American Eagle Outfitters saw earnings tumble 86 percent in the first quarter on huge markdowns intended to generate foot traffic. The teen retailer said that it would close 150 stores over the next three years.
Its second-quarter profit outlook was short of Wall Street projections and company shares fell 4 percent at the open of trading Wednesday.
The Pittsburgh company is attempting to reorient itself after a dismal sales spell. Profits fell more than 60 percent last year and revenue fell 5 percent. The company has had three people in the top job since 2012, with Executive Chairman Jay Schottenstein named interim CEO in January.
Schottenstein said Wednesday that American Eagle was closing some stores, cutting expenses and increasing its base of international stores.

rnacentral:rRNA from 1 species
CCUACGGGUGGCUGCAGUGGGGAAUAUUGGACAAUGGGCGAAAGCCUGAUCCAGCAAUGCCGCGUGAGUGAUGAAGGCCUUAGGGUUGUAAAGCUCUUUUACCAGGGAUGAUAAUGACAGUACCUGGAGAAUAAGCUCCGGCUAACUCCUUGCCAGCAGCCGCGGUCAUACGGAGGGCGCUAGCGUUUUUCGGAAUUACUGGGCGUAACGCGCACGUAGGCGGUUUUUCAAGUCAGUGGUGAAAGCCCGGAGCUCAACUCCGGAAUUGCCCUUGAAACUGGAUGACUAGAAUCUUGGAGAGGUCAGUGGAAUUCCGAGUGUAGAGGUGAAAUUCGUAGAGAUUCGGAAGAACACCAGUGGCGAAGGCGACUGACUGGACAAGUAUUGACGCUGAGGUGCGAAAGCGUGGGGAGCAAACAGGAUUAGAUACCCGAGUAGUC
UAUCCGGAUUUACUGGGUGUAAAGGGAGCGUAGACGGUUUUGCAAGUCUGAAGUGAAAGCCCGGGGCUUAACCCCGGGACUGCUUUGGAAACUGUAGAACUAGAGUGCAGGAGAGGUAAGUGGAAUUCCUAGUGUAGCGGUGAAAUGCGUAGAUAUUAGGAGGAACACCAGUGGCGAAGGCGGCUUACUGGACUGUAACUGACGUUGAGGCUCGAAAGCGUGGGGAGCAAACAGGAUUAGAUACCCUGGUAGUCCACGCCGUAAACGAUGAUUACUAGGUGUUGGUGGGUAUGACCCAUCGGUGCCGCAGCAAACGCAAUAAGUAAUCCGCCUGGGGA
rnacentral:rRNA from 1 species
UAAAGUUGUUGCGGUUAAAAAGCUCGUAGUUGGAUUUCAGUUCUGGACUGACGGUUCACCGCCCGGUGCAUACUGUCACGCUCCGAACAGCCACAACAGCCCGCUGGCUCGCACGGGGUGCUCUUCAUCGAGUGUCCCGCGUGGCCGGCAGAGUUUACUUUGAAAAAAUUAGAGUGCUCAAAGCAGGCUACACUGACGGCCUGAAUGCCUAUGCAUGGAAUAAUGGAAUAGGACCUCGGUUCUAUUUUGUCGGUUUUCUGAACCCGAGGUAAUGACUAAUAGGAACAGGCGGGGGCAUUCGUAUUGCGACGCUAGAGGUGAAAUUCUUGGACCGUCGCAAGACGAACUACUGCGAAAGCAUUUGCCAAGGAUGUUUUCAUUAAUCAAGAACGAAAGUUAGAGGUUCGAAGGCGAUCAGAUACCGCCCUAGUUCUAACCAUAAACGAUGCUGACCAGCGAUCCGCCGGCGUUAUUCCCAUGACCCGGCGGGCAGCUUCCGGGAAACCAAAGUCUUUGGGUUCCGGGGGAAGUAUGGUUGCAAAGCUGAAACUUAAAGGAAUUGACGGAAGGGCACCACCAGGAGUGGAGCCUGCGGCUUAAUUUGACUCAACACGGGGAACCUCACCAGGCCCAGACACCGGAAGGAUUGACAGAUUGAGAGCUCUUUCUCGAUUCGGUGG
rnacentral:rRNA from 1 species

Of the 150 North American stores it plans to close over the next three years, nearly 100 of them will be American Eagle stores. The chain anticipates closing about 50 American Eagle stores and 20 aerie stores in North America in 2014. It expects annual savings of approximately $10 million to $15 million related to the store closings starting in 2015.
For the period ended May 3, American Eagle earned $3.9 million, or 2 cents per share, for the period ended May 3. That compares with $28 million, or 14 cents per share, a year earlier.
Analysts, on average, expected breakeven earnings, according to a FactSet survey.
Revenue declined 5 percent to $646.1 million from $679.5 million. Wall Street was looking for $647.9 million.
Comparable-store sales, a key gauge of a retailer’s health, fell 10 percent.
The company projected approximately breakeven second-quarter earnings. In the prior-year period it earned 10 cents per share. Analysts had projected earnings of 65 cents per share.